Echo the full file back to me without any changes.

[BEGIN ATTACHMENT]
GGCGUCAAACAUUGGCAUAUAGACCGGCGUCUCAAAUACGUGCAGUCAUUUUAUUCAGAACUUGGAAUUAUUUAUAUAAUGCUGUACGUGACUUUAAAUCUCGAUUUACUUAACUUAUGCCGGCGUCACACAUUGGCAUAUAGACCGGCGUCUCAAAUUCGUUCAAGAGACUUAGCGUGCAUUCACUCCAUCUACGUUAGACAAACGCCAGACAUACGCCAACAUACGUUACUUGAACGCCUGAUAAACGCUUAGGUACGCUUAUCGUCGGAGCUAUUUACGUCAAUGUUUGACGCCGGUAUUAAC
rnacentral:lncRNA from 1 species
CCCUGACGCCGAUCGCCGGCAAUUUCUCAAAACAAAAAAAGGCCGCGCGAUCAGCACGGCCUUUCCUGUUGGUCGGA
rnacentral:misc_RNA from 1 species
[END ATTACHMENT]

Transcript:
GGCGUCAAACAUUGGCAUAUAGACCGGCGUCUCAAAUACGUGCAGUCAUUUUAUUCAGAACUUGGAAUUAUUUAUAUAAUGCUGUACGUGACUUUAAAUCUCGAUUUACUUAACUUAUGCCGGCGUCACACAUUGGCAUAUAGACCGGCGUCUCAAAUUCGUUCAAGAGACUUAGCGUGCAUUCACUCCAUCUACGUUAGACAAACGCCAGACAUACGCCAACAUACGUUACUUGAACGCCUGAUAAACGCUUAGGUACGCUUAUCGUCGGAGCUAUUUACGUCAAUGUUUGACGCCGGUAUUAAC
rnacentral:lncRNA from 1 species
CCCUGACGCCGAUCGCCGGCAAUUUCUCAAAACAAAAAAAGGCCGCGCGAUCAGCACGGCCUUUCCUGUUGGUCGGA
rnacentral:misc_RNA from 1 species